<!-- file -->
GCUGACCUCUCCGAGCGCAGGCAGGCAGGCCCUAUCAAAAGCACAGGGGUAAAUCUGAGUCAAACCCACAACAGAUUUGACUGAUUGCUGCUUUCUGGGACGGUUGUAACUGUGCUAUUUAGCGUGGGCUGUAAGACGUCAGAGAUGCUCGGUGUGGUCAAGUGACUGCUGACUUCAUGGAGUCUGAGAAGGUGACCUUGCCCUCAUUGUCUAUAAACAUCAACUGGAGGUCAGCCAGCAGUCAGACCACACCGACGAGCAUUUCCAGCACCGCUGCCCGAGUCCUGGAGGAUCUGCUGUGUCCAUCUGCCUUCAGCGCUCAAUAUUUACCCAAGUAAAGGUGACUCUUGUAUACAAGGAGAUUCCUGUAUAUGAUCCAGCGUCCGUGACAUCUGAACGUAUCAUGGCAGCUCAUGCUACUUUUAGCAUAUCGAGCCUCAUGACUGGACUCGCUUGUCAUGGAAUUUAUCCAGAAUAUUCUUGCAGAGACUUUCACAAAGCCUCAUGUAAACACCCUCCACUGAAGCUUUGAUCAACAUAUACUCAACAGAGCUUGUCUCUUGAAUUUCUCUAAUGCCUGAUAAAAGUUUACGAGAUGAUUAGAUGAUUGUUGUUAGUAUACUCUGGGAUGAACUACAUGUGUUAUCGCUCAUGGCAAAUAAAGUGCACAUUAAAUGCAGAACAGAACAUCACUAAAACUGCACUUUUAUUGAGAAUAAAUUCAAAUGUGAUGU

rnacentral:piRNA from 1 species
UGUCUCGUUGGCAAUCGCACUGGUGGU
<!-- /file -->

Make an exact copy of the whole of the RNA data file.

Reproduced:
GCUGACCUCUCCGAGCGCAGGCAGGCAGGCCCUAUCAAAAGCACAGGGGUAAAUCUGAGUCAAACCCACAACAGAUUUGACUGAUUGCUGCUUUCUGGGACGGUUGUAACUGUGCUAUUUAGCGUGGGCUGUAAGACGUCAGAGAUGCUCGGUGUGGUCAAGUGACUGCUGACUUCAUGGAGUCUGAGAAGGUGACCUUGCCCUCAUUGUCUAUAAACAUCAACUGGAGGUCAGCCAGCAGUCAGACCACACCGACGAGCAUUUCCAGCACCGCUGCCCGAGUCCUGGAGGAUCUGCUGUGUCCAUCUGCCUUCAGCGCUCAAUAUUUACCCAAGUAAAGGUGACUCUUGUAUACAAGGAGAUUCCUGUAUAUGAUCCAGCGUCCGUGACAUCUGAACGUAUCAUGGCAGCUCAUGCUACUUUUAGCAUAUCGAGCCUCAUGACUGGACUCGCUUGUCAUGGAAUUUAUCCAGAAUAUUCUUGCAGAGACUUUCACAAAGCCUCAUGUAAACACCCUCCACUGAAGCUUUGAUCAACAUAUACUCAACAGAGCUUGUCUCUUGAAUUUCUCUAAUGCCUGAUAAAAGUUUACGAGAUGAUUAGAUGAUUGUUGUUAGUAUACUCUGGGAUGAACUACAUGUGUUAUCGCUCAUGGCAAAUAAAGUGCACAUUAAAUGCAGAACAGAACAUCACUAAAACUGCACUUUUAUUGAGAAUAAAUUCAAAUGUGAUGU

rnacentral:piRNA from 1 species
UGUCUCGUUGGCAAUCGCACUGGUGGU